There’s a tendency in technology professions to want to engineer yourself out of a job, effectively make yourself obsolete by designing & building systems that can run mostly on their own. The difference between me and most of my colleagues was always that I was always a little more comfortable with my instincts. Probably because was constantly trying stuff and learning from my mistakes - and how to make mistakes so that they weren’t

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Real Opinions Evolve

Colin Devroe has a great post about acknowledging and actively undoing your own echo chamber.

My personal favorite:

If you read someone’s opinion long enough their opinions begin to form your own. Break out of that habit. Read the counter arguments. Or ditch them altogether.

How often are your opinions actually your opinions?

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You keep using that word. I do not think it means what you think it means

Collective action towards change can become a movement, but often, remain content being little more than animal instincts.

“Movements don’t emerge because everyone suddenly decides to face the same direction at once. They rely on social patterns that begin as the habits of friendship, grow through the habits of communities, and are sustained by new habits that change participants’ sense of self.” - Charles Duhigg, The Power of Habit

Read this book if you want to create, lead, or participate in movements.

Special thanks to Amy and Ana who coaxed me into reading it myself.

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Embracing Another Point of View

I seek to understand people I disagree with. They aren’t crazy, they just have a point of view. I may never agree, but understanding makes me smarter. Sometimes (often) I lose patience. I can be rude and lose my cool. I fight feeling entitled constantly. Sometimes I think I’d be wealthier if I stopped fighting that entitlement, but I don’t think my life would be as rich.

Out of all of the parts of Tara Hunt’s honest, authentic, self-seeking blog post that spoke to me, this paragraph might as well have had neon flashing lights all over it.

Empathy is an increasingly rare resource, and one of the most challenging skills that I work hard to practice.

It usually requires meditation-like presence; as silly as it might sound, I actually try to separate myself from my opinion to make room for someone else’s opinion in an active attempt to understand and deepen my own understanding.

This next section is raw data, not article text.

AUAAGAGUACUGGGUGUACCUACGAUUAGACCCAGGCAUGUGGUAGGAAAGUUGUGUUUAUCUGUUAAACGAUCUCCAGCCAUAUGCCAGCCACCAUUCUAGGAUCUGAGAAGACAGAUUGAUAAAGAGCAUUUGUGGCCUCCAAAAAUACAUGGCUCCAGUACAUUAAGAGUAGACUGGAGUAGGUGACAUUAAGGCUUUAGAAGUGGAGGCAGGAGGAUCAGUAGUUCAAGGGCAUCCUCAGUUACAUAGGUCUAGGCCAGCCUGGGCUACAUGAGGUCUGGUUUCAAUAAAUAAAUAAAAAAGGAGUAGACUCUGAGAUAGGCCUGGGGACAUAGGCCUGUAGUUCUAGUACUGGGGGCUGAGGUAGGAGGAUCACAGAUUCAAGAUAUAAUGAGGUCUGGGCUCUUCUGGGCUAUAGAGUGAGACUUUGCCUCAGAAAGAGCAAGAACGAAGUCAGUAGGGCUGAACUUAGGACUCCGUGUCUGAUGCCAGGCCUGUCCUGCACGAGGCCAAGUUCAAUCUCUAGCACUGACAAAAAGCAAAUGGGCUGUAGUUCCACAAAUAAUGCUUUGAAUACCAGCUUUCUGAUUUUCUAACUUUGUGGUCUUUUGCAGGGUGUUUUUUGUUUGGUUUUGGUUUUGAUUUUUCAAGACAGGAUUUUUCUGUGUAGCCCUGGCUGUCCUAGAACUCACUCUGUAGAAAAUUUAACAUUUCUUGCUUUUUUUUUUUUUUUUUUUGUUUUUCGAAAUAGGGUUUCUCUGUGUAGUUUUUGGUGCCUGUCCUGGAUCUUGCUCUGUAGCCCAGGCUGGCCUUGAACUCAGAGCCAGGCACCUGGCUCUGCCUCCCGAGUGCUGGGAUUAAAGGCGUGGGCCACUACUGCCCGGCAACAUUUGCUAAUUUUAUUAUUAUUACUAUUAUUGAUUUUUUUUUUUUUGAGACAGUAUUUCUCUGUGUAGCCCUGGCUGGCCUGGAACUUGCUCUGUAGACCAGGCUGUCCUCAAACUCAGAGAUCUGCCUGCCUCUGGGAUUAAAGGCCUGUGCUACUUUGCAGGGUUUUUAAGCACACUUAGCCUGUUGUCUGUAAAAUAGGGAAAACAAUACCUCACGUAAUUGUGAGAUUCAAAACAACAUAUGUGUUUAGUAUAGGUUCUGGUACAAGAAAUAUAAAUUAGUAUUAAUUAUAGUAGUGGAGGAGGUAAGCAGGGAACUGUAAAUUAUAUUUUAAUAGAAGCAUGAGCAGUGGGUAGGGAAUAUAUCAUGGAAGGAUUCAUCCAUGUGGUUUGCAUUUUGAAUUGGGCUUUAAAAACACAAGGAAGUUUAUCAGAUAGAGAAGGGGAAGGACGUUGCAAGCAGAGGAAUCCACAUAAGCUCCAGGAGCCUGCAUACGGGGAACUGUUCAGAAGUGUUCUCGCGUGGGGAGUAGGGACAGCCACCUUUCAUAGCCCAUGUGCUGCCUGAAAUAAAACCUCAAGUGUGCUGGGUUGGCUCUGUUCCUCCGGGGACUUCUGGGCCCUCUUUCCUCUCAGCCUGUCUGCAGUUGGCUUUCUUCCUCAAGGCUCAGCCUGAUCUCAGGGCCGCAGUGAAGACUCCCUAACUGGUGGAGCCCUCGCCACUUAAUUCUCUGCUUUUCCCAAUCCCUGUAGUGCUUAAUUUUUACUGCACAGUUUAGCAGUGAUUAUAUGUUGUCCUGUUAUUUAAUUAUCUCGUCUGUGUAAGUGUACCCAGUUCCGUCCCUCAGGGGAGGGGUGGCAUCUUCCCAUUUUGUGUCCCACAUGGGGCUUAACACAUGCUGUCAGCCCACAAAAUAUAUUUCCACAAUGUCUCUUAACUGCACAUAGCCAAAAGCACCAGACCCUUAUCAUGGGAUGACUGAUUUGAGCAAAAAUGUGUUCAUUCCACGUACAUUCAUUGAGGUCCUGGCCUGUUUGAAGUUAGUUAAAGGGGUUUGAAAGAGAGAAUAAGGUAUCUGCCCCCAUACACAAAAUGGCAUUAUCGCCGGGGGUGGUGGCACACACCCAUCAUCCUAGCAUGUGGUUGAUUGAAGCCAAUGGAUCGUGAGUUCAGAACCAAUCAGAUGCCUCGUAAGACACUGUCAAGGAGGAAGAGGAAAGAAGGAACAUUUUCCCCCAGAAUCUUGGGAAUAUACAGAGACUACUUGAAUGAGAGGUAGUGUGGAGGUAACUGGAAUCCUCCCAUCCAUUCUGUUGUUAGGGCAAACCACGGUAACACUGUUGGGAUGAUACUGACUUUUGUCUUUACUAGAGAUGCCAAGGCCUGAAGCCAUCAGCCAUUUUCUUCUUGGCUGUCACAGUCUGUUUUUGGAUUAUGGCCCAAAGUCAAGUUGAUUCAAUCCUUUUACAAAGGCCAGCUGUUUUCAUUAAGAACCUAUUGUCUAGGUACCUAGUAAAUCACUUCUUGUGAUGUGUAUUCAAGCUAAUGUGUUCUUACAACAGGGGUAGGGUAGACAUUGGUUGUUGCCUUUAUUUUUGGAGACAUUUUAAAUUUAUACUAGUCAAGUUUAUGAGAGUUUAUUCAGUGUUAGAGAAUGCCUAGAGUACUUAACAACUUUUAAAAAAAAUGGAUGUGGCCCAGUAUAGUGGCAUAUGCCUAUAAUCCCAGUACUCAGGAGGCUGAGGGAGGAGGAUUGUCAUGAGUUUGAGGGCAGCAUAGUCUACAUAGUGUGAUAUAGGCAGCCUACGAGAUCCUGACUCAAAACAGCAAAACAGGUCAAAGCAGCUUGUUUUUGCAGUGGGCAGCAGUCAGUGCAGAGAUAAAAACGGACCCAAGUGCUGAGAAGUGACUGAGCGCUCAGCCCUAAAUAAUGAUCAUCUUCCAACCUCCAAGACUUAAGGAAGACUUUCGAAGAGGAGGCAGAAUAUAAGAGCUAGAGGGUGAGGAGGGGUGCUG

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The money is a red herring

I agree with Ilya that people are afraid of money, and it’s a paralyzing epidemic.

He had a good point he was making, and then he went ahead and mucked it up with as an example of an alternative, and that’s when I realized that even he missed his own point.

This whole arguement is a red herring for real problems and, not shockingly, the solution is a misdirection just the same. “customers” bought a pledge, a promise, a dream of what “could be”. Not something that relieves pain. Not something that will make them their $50 back or more. And definitely not $4.16/month worth of either.

Watching arguments about what is or isn’t, what it represents and if it’s going to succeed or fail reminds me of the scene in Batman Forever when Chase Meridian tells Bruce Wayne that the Rorschach blot on her wall isn’t an image of a bat; she explains that it’s nothing more

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Launching Without Superlatives

Seth Godin points to some interesting Kickstarter Stats and then goes on to point out two valuable launch lessons:

1) Create inevitability around the projects you launch, wherever you launch them.


2) One way to appear inevitable is to set a lower minimum threshold for success. Setting a huge number feels bold and even macho, but it’s clear that your fans would prefer to pile on after you’ve reached your goal, not sweat or be begged to be sure you reach it in the first place.

I’ve taken notice to projects that lead with bombastic claims of being “the most”, “the best”, “the biggest, or "the first”. I believe that language has it’s place, and that place is behind closed doors, in the context of “the most/best/biggest/etc that we’re capable of”.

This alludes to another Godin-ism, which paraphrased amounts to

“Be the best in the world”, where best for you based on what you